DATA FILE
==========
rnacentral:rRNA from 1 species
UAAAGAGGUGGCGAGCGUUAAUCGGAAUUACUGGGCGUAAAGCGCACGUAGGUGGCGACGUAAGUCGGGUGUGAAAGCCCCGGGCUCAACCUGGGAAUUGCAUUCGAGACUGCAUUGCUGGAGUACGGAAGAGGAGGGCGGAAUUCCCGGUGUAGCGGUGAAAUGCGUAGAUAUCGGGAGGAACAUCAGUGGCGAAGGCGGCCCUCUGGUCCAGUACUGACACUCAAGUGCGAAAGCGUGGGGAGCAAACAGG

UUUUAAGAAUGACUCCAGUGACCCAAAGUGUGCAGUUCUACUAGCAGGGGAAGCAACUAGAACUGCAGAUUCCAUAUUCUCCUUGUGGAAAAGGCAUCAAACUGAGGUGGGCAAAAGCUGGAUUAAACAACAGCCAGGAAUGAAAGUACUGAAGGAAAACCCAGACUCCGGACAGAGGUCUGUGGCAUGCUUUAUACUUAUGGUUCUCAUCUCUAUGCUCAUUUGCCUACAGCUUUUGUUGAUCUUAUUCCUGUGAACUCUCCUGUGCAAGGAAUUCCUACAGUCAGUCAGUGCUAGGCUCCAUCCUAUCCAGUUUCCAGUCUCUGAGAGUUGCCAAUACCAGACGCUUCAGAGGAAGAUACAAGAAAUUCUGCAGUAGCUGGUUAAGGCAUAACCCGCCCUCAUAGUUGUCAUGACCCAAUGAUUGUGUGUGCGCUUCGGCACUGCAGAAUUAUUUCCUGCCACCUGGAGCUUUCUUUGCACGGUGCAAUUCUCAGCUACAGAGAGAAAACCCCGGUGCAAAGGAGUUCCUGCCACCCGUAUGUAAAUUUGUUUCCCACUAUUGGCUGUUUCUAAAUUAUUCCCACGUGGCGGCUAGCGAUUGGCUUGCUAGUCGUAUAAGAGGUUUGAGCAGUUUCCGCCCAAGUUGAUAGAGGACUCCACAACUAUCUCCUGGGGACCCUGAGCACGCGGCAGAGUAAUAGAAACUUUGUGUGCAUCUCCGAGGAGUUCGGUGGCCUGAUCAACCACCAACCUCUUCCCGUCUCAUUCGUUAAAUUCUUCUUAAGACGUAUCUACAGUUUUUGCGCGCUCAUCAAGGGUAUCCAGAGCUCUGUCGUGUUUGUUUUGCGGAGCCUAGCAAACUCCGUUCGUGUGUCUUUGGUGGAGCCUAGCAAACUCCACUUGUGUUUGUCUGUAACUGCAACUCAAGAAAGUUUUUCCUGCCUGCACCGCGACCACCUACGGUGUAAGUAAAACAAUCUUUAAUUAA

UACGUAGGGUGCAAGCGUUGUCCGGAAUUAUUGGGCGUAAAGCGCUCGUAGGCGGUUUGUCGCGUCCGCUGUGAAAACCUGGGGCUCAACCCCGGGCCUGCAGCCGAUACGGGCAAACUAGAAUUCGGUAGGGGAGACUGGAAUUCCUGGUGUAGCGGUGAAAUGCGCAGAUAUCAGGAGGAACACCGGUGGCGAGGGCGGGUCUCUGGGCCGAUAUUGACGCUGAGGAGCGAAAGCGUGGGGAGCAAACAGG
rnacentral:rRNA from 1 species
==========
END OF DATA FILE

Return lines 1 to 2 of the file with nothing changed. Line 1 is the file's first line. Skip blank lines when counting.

rnacentral:rRNA from 1 species
UAAAGAGGUGGCGAGCGUUAAUCGGAAUUACUGGGCGUAAAGCGCACGUAGGUGGCGACGUAAGUCGGGUGUGAAAGCCCCGGGCUCAACCUGGGAAUUGCAUUCGAGACUGCAUUGCUGGAGUACGGAAGAGGAGGGCGGAAUUCCCGGUGUAGCGGUGAAAUGCGUAGAUAUCGGGAGGAACAUCAGUGGCGAAGGCGGCCCUCUGGUCCAGUACUGACACUCAAGUGCGAAAGCGUGGGGAGCAAACAGG